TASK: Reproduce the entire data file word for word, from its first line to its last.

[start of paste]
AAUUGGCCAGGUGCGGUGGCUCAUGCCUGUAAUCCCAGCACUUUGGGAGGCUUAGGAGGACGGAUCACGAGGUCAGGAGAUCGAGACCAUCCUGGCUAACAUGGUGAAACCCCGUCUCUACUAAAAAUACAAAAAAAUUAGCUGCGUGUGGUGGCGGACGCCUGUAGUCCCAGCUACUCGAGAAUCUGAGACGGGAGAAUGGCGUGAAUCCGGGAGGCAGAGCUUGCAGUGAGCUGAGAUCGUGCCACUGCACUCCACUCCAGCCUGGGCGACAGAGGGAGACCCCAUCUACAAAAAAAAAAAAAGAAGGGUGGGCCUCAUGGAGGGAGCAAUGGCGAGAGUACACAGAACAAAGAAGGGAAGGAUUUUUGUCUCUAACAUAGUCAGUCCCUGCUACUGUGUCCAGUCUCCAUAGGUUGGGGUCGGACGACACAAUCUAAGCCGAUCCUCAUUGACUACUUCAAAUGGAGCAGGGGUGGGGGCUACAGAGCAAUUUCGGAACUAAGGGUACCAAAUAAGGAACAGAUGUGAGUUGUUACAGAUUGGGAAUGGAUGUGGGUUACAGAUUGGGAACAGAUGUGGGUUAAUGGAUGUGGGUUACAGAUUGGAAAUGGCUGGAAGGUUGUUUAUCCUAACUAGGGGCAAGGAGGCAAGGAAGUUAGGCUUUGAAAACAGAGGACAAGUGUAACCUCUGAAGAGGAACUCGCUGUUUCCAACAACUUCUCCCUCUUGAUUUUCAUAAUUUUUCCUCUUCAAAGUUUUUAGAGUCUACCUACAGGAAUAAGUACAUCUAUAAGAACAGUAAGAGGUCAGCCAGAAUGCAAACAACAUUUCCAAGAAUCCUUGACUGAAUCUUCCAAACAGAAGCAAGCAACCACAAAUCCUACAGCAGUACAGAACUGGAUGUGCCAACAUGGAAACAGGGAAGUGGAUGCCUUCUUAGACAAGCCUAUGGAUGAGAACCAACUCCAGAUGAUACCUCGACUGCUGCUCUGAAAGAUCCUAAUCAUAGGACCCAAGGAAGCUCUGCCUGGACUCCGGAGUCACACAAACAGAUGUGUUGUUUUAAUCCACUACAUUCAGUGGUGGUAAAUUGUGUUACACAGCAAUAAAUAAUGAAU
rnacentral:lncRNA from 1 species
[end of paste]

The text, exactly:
AAUUGGCCAGGUGCGGUGGCUCAUGCCUGUAAUCCCAGCACUUUGGGAGGCUUAGGAGGACGGAUCACGAGGUCAGGAGAUCGAGACCAUCCUGGCUAACAUGGUGAAACCCCGUCUCUACUAAAAAUACAAAAAAAUUAGCUGCGUGUGGUGGCGGACGCCUGUAGUCCCAGCUACUCGAGAAUCUGAGACGGGAGAAUGGCGUGAAUCCGGGAGGCAGAGCUUGCAGUGAGCUGAGAUCGUGCCACUGCACUCCACUCCAGCCUGGGCGACAGAGGGAGACCCCAUCUACAAAAAAAAAAAAAGAAGGGUGGGCCUCAUGGAGGGAGCAAUGGCGAGAGUACACAGAACAAAGAAGGGAAGGAUUUUUGUCUCUAACAUAGUCAGUCCCUGCUACUGUGUCCAGUCUCCAUAGGUUGGGGUCGGACGACACAAUCUAAGCCGAUCCUCAUUGACUACUUCAAAUGGAGCAGGGGUGGGGGCUACAGAGCAAUUUCGGAACUAAGGGUACCAAAUAAGGAACAGAUGUGAGUUGUUACAGAUUGGGAAUGGAUGUGGGUUACAGAUUGGGAACAGAUGUGGGUUAAUGGAUGUGGGUUACAGAUUGGAAAUGGCUGGAAGGUUGUUUAUCCUAACUAGGGGCAAGGAGGCAAGGAAGUUAGGCUUUGAAAACAGAGGACAAGUGUAACCUCUGAAGAGGAACUCGCUGUUUCCAACAACUUCUCCCUCUUGAUUUUCAUAAUUUUUCCUCUUCAAAGUUUUUAGAGUCUACCUACAGGAAUAAGUACAUCUAUAAGAACAGUAAGAGGUCAGCCAGAAUGCAAACAACAUUUCCAAGAAUCCUUGACUGAAUCUUCCAAACAGAAGCAAGCAACCACAAAUCCUACAGCAGUACAGAACUGGAUGUGCCAACAUGGAAACAGGGAAGUGGAUGCCUUCUUAGACAAGCCUAUGGAUGAGAACCAACUCCAGAUGAUACCUCGACUGCUGCUCUGAAAGAUCCUAAUCAUAGGACCCAAGGAAGCUCUGCCUGGACUCCGGAGUCACACAAACAGAUGUGUUGUUUUAAUCCACUACAUUCAGUGGUGGUAAAUUGUGUUACACAGCAAUAAAUAAUGAAU
rnacentral:lncRNA from 1 species